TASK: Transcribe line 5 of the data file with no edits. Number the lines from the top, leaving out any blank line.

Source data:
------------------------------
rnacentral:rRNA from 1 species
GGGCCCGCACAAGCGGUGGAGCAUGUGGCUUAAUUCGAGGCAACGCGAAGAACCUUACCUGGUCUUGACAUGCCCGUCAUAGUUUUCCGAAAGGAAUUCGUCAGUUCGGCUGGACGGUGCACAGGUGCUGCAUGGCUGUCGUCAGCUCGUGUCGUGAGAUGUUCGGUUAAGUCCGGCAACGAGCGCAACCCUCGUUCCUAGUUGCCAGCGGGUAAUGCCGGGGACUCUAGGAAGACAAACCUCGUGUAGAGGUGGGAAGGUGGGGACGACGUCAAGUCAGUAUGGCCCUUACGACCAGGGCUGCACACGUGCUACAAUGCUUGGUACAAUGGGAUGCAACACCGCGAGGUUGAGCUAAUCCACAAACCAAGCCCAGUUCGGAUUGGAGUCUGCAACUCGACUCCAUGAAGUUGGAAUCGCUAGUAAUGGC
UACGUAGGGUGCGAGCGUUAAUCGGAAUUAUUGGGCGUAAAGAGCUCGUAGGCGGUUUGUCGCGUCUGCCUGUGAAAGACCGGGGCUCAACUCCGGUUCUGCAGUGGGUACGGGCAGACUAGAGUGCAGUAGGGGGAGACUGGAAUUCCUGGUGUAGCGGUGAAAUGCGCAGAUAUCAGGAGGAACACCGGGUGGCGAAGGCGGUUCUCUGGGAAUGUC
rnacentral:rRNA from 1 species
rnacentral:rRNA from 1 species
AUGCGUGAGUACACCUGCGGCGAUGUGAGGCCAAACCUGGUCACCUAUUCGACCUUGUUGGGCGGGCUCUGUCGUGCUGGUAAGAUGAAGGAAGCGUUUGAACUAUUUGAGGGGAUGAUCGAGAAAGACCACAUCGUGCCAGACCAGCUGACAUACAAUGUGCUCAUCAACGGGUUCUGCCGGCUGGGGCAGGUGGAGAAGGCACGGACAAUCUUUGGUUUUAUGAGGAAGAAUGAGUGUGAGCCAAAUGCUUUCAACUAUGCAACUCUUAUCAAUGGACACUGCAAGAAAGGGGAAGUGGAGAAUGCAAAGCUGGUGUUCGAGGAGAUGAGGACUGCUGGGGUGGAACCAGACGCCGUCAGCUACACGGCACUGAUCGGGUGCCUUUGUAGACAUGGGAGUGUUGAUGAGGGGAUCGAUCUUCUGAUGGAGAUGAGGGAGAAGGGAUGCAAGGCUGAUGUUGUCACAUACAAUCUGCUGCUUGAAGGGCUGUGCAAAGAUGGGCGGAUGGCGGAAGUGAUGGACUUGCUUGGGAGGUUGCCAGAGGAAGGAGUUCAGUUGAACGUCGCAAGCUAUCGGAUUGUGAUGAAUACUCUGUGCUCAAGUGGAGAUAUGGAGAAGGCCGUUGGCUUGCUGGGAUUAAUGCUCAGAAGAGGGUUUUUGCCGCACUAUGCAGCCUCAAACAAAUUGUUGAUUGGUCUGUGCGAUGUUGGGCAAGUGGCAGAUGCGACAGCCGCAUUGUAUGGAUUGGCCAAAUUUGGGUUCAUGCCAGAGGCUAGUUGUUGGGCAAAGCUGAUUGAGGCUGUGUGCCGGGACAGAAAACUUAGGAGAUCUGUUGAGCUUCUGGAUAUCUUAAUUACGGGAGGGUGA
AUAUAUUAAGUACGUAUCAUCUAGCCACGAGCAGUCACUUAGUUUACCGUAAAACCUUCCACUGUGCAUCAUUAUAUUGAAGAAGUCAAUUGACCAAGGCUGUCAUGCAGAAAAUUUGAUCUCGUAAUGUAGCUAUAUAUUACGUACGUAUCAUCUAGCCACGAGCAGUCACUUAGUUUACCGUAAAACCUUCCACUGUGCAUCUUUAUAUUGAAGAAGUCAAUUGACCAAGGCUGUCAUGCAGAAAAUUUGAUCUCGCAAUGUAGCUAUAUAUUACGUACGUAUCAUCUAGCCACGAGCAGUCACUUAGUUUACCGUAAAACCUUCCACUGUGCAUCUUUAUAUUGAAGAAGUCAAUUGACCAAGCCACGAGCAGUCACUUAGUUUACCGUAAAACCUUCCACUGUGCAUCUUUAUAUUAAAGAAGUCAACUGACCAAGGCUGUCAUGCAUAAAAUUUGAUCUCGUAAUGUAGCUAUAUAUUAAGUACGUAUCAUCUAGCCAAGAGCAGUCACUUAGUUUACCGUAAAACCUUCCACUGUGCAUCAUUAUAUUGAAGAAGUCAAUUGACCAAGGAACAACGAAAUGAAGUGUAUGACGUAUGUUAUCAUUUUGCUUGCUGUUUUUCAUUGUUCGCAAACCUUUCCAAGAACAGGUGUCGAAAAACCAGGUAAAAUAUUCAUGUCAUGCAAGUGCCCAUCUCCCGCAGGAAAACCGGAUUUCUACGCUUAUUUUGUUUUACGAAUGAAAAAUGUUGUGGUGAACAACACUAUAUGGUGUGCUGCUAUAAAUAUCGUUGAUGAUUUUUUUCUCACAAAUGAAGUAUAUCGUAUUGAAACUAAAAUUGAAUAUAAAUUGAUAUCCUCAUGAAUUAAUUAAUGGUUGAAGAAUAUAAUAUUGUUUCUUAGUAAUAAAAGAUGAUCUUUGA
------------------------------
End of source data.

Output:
rnacentral:rRNA from 1 species